Don’t let this happen to you. Just like you do with your job supervisor, schedule a regular time to sit and explore how each of you are feeling, whether your respective needs are being met, and what can be done to improve the areas in which a need isn’t being met. Aside from this regular relationship evaluation, spend time with your partner, away from everyone else, enjoying their company, learning new things and creating a vision for your shared future.

With regular and consistent communication, you and your partner will give each other the chance to discover and end these toxic beliefs that could threaten to end any relationship – even yours.

Featured photo credit: Bigstock via bigstockphoto.com

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Last Updated on April 14, 2021

How to Deal With Anger (The Ultimate Anger Management Guide)

How to Deal With Anger (The Ultimate Anger Management Guide)

We all lose our temper from time to time, and expressing anger is actually a healthy thing to do in our relationships with others. Expressing our differences in opinion allows us to have healthy conflict and many times come to an agreement or understanding that works for everyone. However, there are times when anger can become overwhelming or damaging, and during these times, it’s important to learn how to deal with anger.

Expressing anger inappropriately can be harmful to relationships, both personal and professional. You may express too much anger, too often, or at times that are only going to make things worse, not better. In this article we will look at anger management techniques that will help you better control your emotions.

Let’s take a deeper look at how to deal with anger.

Expressing Anger

Anger is a natural and normal part of almost any relationship. This includes relationships with your significant other, kids, boss, friends, family, etc. Anger provides us with valuable information if we are willing to listen to it. It clues us in to areas where we disagree with others and things that need to be changed or altered.

Unhealthy Ways to Express Anger

Here are some common yet unhealthy ways to express anger that you should avoid:

Being Passive-Aggressive

This is a term many of us are familiar with. Passive-aggressive behavior happens when someone is angry but uses indirect communication to express their anger.

Some of the more common passive-aggressive behaviors include the silent treatment, making comments about someone behind their back, being grumpy, moody, or pouting, or simply not doing tasks or assignments that they should.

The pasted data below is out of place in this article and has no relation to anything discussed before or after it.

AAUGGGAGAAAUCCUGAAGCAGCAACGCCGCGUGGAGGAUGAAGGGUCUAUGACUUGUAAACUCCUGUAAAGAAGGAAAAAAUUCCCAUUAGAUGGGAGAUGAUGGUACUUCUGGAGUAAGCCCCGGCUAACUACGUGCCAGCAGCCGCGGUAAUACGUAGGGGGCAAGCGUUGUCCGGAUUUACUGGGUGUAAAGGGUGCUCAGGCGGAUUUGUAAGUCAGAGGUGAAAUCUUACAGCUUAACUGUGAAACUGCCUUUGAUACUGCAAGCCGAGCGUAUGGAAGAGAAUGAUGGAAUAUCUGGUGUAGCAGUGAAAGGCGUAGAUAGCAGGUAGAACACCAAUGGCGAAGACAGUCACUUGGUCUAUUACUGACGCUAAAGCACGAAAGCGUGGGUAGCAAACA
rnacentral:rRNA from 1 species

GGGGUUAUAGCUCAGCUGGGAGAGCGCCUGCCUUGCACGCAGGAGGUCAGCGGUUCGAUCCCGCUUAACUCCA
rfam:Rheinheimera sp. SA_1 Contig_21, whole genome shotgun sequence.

This is a passive-aggressive person’s way of showing their anger. It’s not very productive but extremely common.

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Poorly-Timed

Some people get overwhelmed and express anger in a situation where it can’t really do any good.

An example would be getting angry at one person in front of a crowd of people. All that does is make people uncomfortable and shuts them down. It’s not a healthy way to express anger or disagreement with someone.

Ongoing Anger

Being angry all the time is most often a symptom of something else. It’s healthy and normal to express anger when you disagree with someone. However, if someone is angry most of the time and always seems to be expressing their anger to everyone around them, this won’t serve them well.

Over time, people will start to avoid this person and have as little contact as possible. The reason being is no one likes being around someone who is angry all the time; it’s a no-win situation.

Healthy Ways to Express Anger

What about the healthy ways[1] to adapt? When learning how to deal with anger, here are some healthy ways to get you started.

Being Honest

Express your anger or disagreement honestly. Be truthful about what it is that is making you angry. Sometimes this will entail walking away and thinking about it for a bit before you respond.

Don’t say you’re mad at something someone did or said when it’s really something else that upset you.

Being Direct

Similar to being honest, being direct is a healthy way to express anger.

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Don’t talk around something that is making you angry. Don’t say that one thing is making you angry when it’s really something else, and don’t stack items on top of each other so you can unload on someone about 10 different things 6 months from now.

Be direct and upfront about what is making you angry. Ensure you are expressing your anger to the person who upset you or you are angry at, not to someone else. This is very counterproductive.

Being Timely

When something makes you angry, it’s much better to express it in a timely manner. Don’t keep it bottled up inside of you, as that’s only going to do more harm than good.

Think of the marriages that seem to go up in flames out of nowhere when the reality is someone kept quiet for years until they hit their breaking point.

Expressing anger as it occurs is a much healthier way of using anger to help us guide our relationships in the moment.

How to Deal With Anger

If you feel angry, how should you deal with it right at that moment?

1. Slow Down